This very popular glacier lies just beyond the end of a flat, well-maintained trail up a narrow, glacier-scoured valley south of the Portage Lake. Byron descends from the same ice field that feeds both Portage Glacier on the lake and Blackstone Glacier in Prince William Sound. The approach is a real-time demonstration of how an ecosystem rebounds from the ice age, with large trees and forest giving way to alder thickets, which in turn morph into lichen-dotted rock only recently exposed by retreating ice. The upper valley is rugged and raw—with silt-blackened debris covering ice—offering an austere feel for authentic glacial terrain, as though you were on an adventure deep in Alaska’s coastal backcountry. Once snow has melted back, tiny, thread-like ice worms can be found on the lower slopes of exposed ice, concentrated on the glacier’s algae-strewn “dirty” surface. Byron may be the easiest spot in the world to view ice worms in the wild.
How To View
During summer, hike about one mile up the Byron Glacier Trail to an open flat with exposed boulders and channels of Byron Creek. Two colossal ice cones created by snow avalanches hug the eastern walls of the valley, sometimes showing off dramatic ice caves formed by meltwater streams. Depending upon how much it avalanched during the previous winter, the closest cone might also straddle the creek, which then carves out its own, new cavern. (Do not attempt to enter these ice caves—hunks can fall without warning!) A remnant of Byron lies buried beneath a large rock glacier of boulders and silt, rising above the creek and blocking a view of the upper valley. Byron’s exposed terminus is a quarter mile further up. If you want to experience ice worms, return to the valley at solar dusk, which can be as late 9 pm to 11 pm in near the solstice in June. The worms will surface once all sign of the sun is gone, and light grows dim.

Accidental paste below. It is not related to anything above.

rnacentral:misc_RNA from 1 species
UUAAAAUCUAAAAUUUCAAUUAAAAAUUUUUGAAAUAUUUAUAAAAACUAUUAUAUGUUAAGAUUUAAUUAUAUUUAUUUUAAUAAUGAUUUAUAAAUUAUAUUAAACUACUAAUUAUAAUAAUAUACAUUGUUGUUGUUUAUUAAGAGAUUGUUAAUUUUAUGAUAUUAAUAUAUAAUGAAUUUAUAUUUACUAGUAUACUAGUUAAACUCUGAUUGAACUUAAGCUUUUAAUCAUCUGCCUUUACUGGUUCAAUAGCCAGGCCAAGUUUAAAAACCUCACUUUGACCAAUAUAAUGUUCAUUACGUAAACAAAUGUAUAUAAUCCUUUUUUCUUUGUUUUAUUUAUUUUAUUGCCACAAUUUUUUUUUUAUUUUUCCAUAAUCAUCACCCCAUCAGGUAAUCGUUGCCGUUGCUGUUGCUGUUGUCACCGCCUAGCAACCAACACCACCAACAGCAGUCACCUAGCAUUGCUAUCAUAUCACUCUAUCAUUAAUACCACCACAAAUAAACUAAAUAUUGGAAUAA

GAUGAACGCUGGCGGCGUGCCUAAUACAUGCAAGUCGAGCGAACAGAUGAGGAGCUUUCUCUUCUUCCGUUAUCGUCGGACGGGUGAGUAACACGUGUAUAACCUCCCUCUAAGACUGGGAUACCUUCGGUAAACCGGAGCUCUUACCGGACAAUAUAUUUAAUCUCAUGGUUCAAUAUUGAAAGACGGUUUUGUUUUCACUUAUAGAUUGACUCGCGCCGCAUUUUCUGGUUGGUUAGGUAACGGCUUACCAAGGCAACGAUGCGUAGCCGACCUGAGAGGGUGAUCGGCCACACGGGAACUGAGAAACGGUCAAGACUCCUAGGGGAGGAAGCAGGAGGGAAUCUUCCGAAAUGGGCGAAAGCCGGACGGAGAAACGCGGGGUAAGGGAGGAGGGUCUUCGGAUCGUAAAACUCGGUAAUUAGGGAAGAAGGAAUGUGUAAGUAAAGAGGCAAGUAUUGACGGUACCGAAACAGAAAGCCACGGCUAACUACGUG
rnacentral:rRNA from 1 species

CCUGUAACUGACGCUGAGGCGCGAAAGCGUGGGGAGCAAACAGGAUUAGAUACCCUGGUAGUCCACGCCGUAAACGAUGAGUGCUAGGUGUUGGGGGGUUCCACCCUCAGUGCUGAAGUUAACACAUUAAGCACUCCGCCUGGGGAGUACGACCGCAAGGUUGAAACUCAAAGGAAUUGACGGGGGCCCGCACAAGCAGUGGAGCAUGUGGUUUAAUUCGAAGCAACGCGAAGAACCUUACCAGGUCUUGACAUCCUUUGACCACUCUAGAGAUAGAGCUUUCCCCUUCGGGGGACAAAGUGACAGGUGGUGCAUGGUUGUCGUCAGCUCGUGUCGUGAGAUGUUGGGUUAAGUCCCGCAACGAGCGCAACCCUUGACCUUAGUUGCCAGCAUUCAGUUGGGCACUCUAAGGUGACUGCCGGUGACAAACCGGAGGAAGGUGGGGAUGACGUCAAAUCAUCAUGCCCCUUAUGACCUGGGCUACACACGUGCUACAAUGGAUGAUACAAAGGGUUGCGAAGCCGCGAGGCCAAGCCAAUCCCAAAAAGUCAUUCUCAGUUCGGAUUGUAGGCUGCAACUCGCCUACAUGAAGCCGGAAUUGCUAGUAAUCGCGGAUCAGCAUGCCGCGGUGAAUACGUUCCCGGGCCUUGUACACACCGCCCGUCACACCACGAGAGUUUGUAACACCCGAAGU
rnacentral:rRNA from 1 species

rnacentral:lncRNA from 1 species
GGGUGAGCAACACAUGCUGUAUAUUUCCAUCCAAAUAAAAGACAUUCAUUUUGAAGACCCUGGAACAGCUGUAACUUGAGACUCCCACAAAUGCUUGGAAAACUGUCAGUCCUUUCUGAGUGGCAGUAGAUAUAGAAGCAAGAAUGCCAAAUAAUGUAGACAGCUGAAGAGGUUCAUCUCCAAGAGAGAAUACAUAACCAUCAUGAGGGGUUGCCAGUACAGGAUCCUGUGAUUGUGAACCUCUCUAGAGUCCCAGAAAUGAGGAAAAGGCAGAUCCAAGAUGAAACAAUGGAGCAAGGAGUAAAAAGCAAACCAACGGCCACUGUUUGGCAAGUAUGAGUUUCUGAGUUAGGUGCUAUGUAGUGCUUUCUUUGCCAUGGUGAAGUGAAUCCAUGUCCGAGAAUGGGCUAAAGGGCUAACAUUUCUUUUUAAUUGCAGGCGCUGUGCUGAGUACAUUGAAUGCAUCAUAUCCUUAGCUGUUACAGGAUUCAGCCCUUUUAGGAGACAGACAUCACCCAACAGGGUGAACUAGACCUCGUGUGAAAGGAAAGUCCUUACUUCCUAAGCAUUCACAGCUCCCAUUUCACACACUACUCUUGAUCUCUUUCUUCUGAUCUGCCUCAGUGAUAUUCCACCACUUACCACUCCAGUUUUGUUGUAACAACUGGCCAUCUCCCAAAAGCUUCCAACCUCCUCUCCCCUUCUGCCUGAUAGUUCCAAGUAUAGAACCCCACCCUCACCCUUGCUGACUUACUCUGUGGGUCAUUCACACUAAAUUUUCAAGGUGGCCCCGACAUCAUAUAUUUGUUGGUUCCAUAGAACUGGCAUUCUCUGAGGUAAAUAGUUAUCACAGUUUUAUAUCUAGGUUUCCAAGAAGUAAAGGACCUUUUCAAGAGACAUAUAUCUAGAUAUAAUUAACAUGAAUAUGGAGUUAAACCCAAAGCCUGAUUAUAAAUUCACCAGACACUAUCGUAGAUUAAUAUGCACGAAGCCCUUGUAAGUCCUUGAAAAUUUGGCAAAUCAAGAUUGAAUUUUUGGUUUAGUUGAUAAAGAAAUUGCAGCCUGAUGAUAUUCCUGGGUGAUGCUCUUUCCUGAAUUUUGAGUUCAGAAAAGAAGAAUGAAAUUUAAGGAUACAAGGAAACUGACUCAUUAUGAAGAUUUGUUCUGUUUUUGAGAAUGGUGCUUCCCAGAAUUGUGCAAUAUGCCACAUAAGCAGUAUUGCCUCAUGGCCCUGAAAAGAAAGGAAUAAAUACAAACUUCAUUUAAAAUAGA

Winter travel up Byron Valley is not recommended for most people. Avalanches regularly overrun the valley bottom.